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Blame is the meth of politics
Dennis Wyatt

It’s been 38 years since Ronald Reagan in one of his first acts of president abolished the Mental Health System Act that Congress passed and Jimmy Carter signed on his way out of office.
Thirteen years earlier in 1967 during his first term of governor Reagan accelerated the deinstitutionalization of the mentally ill in state hospitals. To make it clear this isn’t a political issue per se, as the process was started in the late 1950s by Democrats of whom many were concerned about the rights of the mentally ill being compromised. The courts concurred and the Republicans joined the dance for whatever reason whether it was to reduce government costs or protect the rights of the homeless.
Fast forward to the present and listen to the mental illness debate as it pertains to the homeless. Not a day goes by that someone doesn’t blame Reagan for the homeless problem.
Think about it for a second. Either 38 or 51years have passed depending upon your measuring stick and people are still blaming Reagan for the problem. Here’s a novel idea: Instead of spending so much time blaming why don’t we try to come up with a workable solution? Since Reagan we’ve had two Democrats and three Republicans in the White House and control of Congress has flipped back and forth as well as being split. Yet the best they can do is try to assign blame for the mental health morass instead of working to address real issues that are manifesting themselves in school shootings, chronic homelessness, and a host of other societal issues.
After a certain point basking in laying blame for problems instead of stepping up and trying to solve them becomes the moral equivalent of whining.
You see it everywhere.  Young men who say they can’t do something, blaming the fact they did not have a father to show them. A murderer or rapist blaming what they did on abusive parents. Someone blaming their lot in life on the fact no one gave them money to go to college.
Society encourages the whinny blame game. After every mass shooting we become obsessed with not simply finding out why it happened but what is to blame.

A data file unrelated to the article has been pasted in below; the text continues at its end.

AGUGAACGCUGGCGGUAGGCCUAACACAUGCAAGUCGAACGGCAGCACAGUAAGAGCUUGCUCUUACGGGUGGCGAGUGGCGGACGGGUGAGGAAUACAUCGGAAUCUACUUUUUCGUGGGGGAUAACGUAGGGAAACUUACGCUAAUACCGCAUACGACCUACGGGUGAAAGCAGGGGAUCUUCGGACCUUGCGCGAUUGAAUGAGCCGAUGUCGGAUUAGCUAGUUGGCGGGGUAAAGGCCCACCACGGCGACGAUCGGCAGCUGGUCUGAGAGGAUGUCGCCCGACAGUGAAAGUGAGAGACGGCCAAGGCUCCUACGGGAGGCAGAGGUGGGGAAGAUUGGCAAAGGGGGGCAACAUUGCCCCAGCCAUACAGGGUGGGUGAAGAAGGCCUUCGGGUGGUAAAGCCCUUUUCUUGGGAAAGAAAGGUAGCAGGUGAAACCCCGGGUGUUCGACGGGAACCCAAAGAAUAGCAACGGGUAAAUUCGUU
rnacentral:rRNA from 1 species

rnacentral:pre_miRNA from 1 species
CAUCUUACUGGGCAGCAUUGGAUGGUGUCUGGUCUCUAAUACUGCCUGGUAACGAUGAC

The Las Vegas shooter supposedly had money problems. If that is what was to blame for a pure act of evil then two thirds of the United States population should have been wiped out during the housing collapse. The same is true of those striving to blame peer rejection for school shootings. If that were the case life expectancy for the species would be reduced to 12 years for males and 16 years for females.
We spend incredible amounts of energy assigning blame whether it involves homeless issues and school shootings and then using whatever we determine the “cause” was to get in the face of others. We rarely have much energy left over to work on solutions let alone have enough chips remaining that we can engage in the necessary give and take required to get effective and lasting solutions in place.
Assigning blame has become the Great American Cop Out.
Too often it is used to give oneself a feeling of superiority, to ignore that pure evil exists in the world and must be dealt with as such, or to simply satisfy a need to do something.
That is when blaming becomes whining.    
We know there are mentally ill among the homeless.
By constantly blaming it on whatever you wish, in this case Reagan, and not working toward a solution you become a whiner.
There has got to be better ways to run state asylums or address mental issues without pumping people up with drugs. At the same time the political issues — addressing the constitutionality of involuntary temporary holds to the point there’s a better litmus test that can pass legal challenges — need to be tackled.
We’ve also have to be willing to endure a rise in our “un-comfort level” to find a workable solution that might include an element or two we’re less than thrilled about.
It’s not going to be easy. It’s not going to happen overnight. But given the fix we’re in today is essentially a modern-day invention it is clear there is a way out of the cave we’ve gotten lost in. 
We need to keep searching for the way out instead of sitting down and doing what Dr. Smith of Lost in Space fame did. Dr. Smith was an expert at assigning blame, whining, and then wallowing in self-pity before actively trying to undermine any effort to change the situation.
Being addicted to blame is no better than being addicted to meth.
We use it as a crutch to take the easy way out and do nothing or to justify not healthily engaging the rest of society.
I’d like to think that Reagan’s actions on the homeless and the consequential results imagined or otherwise is not the final word on how America deals with mental illness.

This column is the opinion of Dennis Wyatt and does not necessarily represent the opinion of The Journal or Morris Newspaper Corp. of CA.  He can be contacted at dwyatt@mantecabulletin.com or 209.249.3519.